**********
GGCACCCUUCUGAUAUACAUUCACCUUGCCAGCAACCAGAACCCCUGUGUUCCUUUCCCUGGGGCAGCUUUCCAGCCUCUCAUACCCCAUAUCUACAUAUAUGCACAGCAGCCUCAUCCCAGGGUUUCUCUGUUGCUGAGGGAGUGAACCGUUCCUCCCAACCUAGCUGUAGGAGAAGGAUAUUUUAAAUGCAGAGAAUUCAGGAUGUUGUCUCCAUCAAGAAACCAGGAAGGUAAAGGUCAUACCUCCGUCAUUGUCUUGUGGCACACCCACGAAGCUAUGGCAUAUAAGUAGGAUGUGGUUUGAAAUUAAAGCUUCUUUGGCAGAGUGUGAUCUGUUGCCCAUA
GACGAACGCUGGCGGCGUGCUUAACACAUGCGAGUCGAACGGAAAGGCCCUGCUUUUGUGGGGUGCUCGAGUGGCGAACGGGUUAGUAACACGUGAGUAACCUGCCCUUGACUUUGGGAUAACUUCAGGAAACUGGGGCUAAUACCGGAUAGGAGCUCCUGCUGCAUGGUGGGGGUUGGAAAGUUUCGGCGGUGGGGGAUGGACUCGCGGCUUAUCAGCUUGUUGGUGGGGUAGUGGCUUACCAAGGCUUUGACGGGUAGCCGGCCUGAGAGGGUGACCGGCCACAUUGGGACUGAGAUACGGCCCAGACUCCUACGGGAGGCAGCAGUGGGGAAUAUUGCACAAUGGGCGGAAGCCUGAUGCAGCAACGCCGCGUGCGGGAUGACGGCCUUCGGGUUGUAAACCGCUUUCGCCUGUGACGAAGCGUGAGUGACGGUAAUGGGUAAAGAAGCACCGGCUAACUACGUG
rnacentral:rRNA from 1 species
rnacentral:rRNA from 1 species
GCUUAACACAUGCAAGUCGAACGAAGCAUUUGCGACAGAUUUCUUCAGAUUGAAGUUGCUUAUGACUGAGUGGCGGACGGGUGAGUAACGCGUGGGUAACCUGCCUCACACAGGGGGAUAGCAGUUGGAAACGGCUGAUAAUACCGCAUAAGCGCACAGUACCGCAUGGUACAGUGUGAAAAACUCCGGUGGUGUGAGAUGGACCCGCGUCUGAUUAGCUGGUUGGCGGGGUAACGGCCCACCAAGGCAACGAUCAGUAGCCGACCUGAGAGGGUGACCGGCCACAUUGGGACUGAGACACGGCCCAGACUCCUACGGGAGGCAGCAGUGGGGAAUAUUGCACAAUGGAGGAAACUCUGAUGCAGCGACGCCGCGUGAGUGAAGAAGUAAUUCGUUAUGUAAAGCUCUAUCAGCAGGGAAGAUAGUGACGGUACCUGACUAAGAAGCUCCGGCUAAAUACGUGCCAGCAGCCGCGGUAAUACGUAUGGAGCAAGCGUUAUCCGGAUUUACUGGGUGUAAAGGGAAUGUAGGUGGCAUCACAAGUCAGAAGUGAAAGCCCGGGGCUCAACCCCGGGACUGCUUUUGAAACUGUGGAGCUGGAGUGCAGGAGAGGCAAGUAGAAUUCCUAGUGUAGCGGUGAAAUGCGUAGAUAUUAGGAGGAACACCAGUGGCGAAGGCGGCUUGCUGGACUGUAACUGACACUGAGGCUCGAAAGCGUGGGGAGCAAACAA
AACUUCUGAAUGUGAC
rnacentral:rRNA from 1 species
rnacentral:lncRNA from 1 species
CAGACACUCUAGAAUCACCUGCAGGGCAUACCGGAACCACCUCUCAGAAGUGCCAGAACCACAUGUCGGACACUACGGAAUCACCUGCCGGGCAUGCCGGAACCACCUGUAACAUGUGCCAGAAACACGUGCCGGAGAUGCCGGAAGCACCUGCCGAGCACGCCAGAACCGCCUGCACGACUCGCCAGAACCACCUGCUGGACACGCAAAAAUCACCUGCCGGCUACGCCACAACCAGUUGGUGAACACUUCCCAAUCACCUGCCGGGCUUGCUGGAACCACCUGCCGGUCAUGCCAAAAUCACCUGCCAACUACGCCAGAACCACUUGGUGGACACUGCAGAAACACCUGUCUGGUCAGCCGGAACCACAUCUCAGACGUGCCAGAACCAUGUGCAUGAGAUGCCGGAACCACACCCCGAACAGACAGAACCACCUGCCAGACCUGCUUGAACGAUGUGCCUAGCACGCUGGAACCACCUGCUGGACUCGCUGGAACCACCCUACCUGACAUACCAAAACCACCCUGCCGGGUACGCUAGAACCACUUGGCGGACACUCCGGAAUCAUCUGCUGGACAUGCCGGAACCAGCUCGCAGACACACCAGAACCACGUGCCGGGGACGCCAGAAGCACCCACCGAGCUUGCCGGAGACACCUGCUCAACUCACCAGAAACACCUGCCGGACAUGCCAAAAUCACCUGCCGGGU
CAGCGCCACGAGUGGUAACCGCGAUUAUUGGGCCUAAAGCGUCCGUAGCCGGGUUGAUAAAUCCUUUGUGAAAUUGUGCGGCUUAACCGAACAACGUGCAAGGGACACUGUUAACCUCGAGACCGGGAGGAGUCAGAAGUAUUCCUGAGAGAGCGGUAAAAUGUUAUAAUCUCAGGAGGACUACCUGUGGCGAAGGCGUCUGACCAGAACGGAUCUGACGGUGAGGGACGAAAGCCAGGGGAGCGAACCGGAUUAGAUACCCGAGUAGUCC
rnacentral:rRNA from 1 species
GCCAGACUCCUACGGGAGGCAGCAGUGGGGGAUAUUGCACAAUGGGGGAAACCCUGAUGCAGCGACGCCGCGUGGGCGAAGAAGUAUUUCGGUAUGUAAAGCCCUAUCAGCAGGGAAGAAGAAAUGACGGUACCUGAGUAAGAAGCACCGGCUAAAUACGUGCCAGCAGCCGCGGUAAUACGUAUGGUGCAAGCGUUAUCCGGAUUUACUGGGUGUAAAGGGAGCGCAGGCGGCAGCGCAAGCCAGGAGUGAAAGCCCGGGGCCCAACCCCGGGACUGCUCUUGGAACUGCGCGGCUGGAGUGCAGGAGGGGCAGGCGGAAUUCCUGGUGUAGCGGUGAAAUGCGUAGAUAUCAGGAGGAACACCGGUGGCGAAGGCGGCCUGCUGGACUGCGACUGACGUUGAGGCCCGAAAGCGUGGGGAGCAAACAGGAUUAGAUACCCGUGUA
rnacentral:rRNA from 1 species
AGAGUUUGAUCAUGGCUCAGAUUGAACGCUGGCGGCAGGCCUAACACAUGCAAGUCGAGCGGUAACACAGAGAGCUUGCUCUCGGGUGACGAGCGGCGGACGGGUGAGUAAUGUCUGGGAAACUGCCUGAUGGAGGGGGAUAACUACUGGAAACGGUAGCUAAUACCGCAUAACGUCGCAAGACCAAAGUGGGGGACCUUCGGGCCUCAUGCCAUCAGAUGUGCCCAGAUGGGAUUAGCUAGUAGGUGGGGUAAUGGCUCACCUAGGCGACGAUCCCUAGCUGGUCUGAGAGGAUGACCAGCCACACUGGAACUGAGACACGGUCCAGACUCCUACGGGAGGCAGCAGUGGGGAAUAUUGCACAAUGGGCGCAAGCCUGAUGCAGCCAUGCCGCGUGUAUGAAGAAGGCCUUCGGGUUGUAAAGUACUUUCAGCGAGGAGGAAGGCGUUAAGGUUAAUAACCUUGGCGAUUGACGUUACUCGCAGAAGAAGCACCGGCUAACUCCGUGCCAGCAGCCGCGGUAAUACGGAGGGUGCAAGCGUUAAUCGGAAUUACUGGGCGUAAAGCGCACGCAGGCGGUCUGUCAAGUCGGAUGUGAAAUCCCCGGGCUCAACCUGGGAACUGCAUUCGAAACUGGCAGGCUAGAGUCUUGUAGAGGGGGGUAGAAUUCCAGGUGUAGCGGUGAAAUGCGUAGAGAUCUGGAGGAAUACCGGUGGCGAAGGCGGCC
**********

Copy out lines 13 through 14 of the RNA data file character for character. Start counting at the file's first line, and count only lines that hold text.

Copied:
rnacentral:rRNA from 1 species
AGAGUUUGAUCAUGGCUCAGAUUGAACGCUGGCGGCAGGCCUAACACAUGCAAGUCGAGCGGUAACACAGAGAGCUUGCUCUCGGGUGACGAGCGGCGGACGGGUGAGUAAUGUCUGGGAAACUGCCUGAUGGAGGGGGAUAACUACUGGAAACGGUAGCUAAUACCGCAUAACGUCGCAAGACCAAAGUGGGGGACCUUCGGGCCUCAUGCCAUCAGAUGUGCCCAGAUGGGAUUAGCUAGUAGGUGGGGUAAUGGCUCACCUAGGCGACGAUCCCUAGCUGGUCUGAGAGGAUGACCAGCCACACUGGAACUGAGACACGGUCCAGACUCCUACGGGAGGCAGCAGUGGGGAAUAUUGCACAAUGGGCGCAAGCCUGAUGCAGCCAUGCCGCGUGUAUGAAGAAGGCCUUCGGGUUGUAAAGUACUUUCAGCGAGGAGGAAGGCGUUAAGGUUAAUAACCUUGGCGAUUGACGUUACUCGCAGAAGAAGCACCGGCUAACUCCGUGCCAGCAGCCGCGGUAAUACGGAGGGUGCAAGCGUUAAUCGGAAUUACUGGGCGUAAAGCGCACGCAGGCGGUCUGUCAAGUCGGAUGUGAAAUCCCCGGGCUCAACCUGGGAACUGCAUUCGAAACUGGCAGGCUAGAGUCUUGUAGAGGGGGGUAGAAUUCCAGGUGUAGCGGUGAAAUGCGUAGAGAUCUGGAGGAAUACCGGUGGCGAAGGCGGCC